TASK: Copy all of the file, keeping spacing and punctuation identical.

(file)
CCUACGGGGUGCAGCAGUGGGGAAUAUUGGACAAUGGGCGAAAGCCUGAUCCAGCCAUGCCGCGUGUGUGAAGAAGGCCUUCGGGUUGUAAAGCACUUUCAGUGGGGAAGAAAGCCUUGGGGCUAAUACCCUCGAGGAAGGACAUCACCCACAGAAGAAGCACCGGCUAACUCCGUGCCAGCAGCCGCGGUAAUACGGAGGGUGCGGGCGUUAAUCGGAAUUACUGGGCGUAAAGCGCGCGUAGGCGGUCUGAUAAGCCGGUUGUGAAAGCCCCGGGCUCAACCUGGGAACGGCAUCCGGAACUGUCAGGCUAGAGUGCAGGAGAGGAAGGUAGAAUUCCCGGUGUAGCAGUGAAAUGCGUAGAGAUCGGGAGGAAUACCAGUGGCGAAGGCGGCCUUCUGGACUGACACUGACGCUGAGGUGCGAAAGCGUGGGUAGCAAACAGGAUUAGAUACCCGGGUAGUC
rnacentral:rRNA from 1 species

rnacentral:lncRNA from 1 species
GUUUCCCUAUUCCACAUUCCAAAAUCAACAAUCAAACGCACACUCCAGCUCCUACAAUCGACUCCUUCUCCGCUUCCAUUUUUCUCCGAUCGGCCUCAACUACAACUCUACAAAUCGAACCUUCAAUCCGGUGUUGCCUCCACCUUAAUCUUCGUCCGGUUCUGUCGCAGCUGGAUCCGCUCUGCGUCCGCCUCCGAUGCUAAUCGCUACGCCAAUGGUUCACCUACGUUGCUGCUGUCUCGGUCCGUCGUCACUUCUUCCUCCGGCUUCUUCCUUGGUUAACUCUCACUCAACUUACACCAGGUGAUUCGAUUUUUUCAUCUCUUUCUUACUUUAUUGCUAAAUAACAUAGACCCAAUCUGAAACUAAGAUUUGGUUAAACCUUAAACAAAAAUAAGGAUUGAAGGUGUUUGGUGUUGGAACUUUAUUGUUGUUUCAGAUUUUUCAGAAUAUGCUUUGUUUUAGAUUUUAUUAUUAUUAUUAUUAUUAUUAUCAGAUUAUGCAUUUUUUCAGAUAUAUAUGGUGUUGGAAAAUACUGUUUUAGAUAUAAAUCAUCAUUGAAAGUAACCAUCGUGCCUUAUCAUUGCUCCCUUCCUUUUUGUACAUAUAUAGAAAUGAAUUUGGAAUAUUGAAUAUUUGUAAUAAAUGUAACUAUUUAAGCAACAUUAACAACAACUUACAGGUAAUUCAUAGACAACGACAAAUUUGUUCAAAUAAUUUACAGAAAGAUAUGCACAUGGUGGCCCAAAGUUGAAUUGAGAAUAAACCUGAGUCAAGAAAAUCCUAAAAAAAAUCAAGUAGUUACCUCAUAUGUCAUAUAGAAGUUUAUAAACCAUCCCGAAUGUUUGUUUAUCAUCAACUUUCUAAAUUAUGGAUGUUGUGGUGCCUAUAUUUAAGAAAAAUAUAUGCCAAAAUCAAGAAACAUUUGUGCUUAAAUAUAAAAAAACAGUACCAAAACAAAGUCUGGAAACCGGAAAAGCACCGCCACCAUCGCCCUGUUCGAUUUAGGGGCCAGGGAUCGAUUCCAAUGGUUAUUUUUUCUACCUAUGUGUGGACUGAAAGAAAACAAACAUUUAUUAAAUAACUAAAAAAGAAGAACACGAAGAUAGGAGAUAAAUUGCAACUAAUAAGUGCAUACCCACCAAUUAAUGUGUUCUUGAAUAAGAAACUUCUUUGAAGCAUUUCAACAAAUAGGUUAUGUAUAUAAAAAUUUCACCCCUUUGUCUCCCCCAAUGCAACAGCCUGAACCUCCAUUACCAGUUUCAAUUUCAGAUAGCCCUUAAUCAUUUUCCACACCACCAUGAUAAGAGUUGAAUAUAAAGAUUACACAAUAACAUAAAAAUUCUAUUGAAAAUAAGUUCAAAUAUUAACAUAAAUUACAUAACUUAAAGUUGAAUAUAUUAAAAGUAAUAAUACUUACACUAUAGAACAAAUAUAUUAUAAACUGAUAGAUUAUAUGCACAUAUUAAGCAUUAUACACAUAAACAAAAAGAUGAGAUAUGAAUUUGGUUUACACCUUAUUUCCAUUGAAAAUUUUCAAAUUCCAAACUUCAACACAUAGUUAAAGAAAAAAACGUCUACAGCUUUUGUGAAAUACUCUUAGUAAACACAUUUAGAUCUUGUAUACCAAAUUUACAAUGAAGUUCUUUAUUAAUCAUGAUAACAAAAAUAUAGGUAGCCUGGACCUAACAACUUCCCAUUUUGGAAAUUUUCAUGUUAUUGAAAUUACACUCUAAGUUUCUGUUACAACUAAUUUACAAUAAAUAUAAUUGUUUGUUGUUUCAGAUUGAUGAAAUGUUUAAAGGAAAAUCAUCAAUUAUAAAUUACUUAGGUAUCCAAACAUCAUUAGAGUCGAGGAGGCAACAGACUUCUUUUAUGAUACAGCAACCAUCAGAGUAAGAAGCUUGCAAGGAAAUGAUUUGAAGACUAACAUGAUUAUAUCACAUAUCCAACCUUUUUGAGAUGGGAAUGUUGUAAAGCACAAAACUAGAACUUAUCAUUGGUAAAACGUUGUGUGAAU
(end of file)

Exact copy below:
CCUACGGGGUGCAGCAGUGGGGAAUAUUGGACAAUGGGCGAAAGCCUGAUCCAGCCAUGCCGCGUGUGUGAAGAAGGCCUUCGGGUUGUAAAGCACUUUCAGUGGGGAAGAAAGCCUUGGGGCUAAUACCCUCGAGGAAGGACAUCACCCACAGAAGAAGCACCGGCUAACUCCGUGCCAGCAGCCGCGGUAAUACGGAGGGUGCGGGCGUUAAUCGGAAUUACUGGGCGUAAAGCGCGCGUAGGCGGUCUGAUAAGCCGGUUGUGAAAGCCCCGGGCUCAACCUGGGAACGGCAUCCGGAACUGUCAGGCUAGAGUGCAGGAGAGGAAGGUAGAAUUCCCGGUGUAGCAGUGAAAUGCGUAGAGAUCGGGAGGAAUACCAGUGGCGAAGGCGGCCUUCUGGACUGACACUGACGCUGAGGUGCGAAAGCGUGGGUAGCAAACAGGAUUAGAUACCCGGGUAGUC
rnacentral:rRNA from 1 species

rnacentral:lncRNA from 1 species
GUUUCCCUAUUCCACAUUCCAAAAUCAACAAUCAAACGCACACUCCAGCUCCUACAAUCGACUCCUUCUCCGCUUCCAUUUUUCUCCGAUCGGCCUCAACUACAACUCUACAAAUCGAACCUUCAAUCCGGUGUUGCCUCCACCUUAAUCUUCGUCCGGUUCUGUCGCAGCUGGAUCCGCUCUGCGUCCGCCUCCGAUGCUAAUCGCUACGCCAAUGGUUCACCUACGUUGCUGCUGUCUCGGUCCGUCGUCACUUCUUCCUCCGGCUUCUUCCUUGGUUAACUCUCACUCAACUUACACCAGGUGAUUCGAUUUUUUCAUCUCUUUCUUACUUUAUUGCUAAAUAACAUAGACCCAAUCUGAAACUAAGAUUUGGUUAAACCUUAAACAAAAAUAAGGAUUGAAGGUGUUUGGUGUUGGAACUUUAUUGUUGUUUCAGAUUUUUCAGAAUAUGCUUUGUUUUAGAUUUUAUUAUUAUUAUUAUUAUUAUUAUCAGAUUAUGCAUUUUUUCAGAUAUAUAUGGUGUUGGAAAAUACUGUUUUAGAUAUAAAUCAUCAUUGAAAGUAACCAUCGUGCCUUAUCAUUGCUCCCUUCCUUUUUGUACAUAUAUAGAAAUGAAUUUGGAAUAUUGAAUAUUUGUAAUAAAUGUAACUAUUUAAGCAACAUUAACAACAACUUACAGGUAAUUCAUAGACAACGACAAAUUUGUUCAAAUAAUUUACAGAAAGAUAUGCACAUGGUGGCCCAAAGUUGAAUUGAGAAUAAACCUGAGUCAAGAAAAUCCUAAAAAAAAUCAAGUAGUUACCUCAUAUGUCAUAUAGAAGUUUAUAAACCAUCCCGAAUGUUUGUUUAUCAUCAACUUUCUAAAUUAUGGAUGUUGUGGUGCCUAUAUUUAAGAAAAAUAUAUGCCAAAAUCAAGAAACAUUUGUGCUUAAAUAUAAAAAAACAGUACCAAAACAAAGUCUGGAAACCGGAAAAGCACCGCCACCAUCGCCCUGUUCGAUUUAGGGGCCAGGGAUCGAUUCCAAUGGUUAUUUUUUCUACCUAUGUGUGGACUGAAAGAAAACAAACAUUUAUUAAAUAACUAAAAAAGAAGAACACGAAGAUAGGAGAUAAAUUGCAACUAAUAAGUGCAUACCCACCAAUUAAUGUGUUCUUGAAUAAGAAACUUCUUUGAAGCAUUUCAACAAAUAGGUUAUGUAUAUAAAAAUUUCACCCCUUUGUCUCCCCCAAUGCAACAGCCUGAACCUCCAUUACCAGUUUCAAUUUCAGAUAGCCCUUAAUCAUUUUCCACACCACCAUGAUAAGAGUUGAAUAUAAAGAUUACACAAUAACAUAAAAAUUCUAUUGAAAAUAAGUUCAAAUAUUAACAUAAAUUACAUAACUUAAAGUUGAAUAUAUUAAAAGUAAUAAUACUUACACUAUAGAACAAAUAUAUUAUAAACUGAUAGAUUAUAUGCACAUAUUAAGCAUUAUACACAUAAACAAAAAGAUGAGAUAUGAAUUUGGUUUACACCUUAUUUCCAUUGAAAAUUUUCAAAUUCCAAACUUCAACACAUAGUUAAAGAAAAAAACGUCUACAGCUUUUGUGAAAUACUCUUAGUAAACACAUUUAGAUCUUGUAUACCAAAUUUACAAUGAAGUUCUUUAUUAAUCAUGAUAACAAAAAUAUAGGUAGCCUGGACCUAACAACUUCCCAUUUUGGAAAUUUUCAUGUUAUUGAAAUUACACUCUAAGUUUCUGUUACAACUAAUUUACAAUAAAUAUAAUUGUUUGUUGUUUCAGAUUGAUGAAAUGUUUAAAGGAAAAUCAUCAAUUAUAAAUUACUUAGGUAUCCAAACAUCAUUAGAGUCGAGGAGGCAACAGACUUCUUUUAUGAUACAGCAACCAUCAGAGUAAGAAGCUUGCAAGGAAAUGAUUUGAAGACUAACAUGAUUAUAUCACAUAUCCAACCUUUUUGAGAUGGGAAUGUUGUAAAGCACAAAACUAGAACUUAUCAUUGGUAAAACGUUGUGUGAAU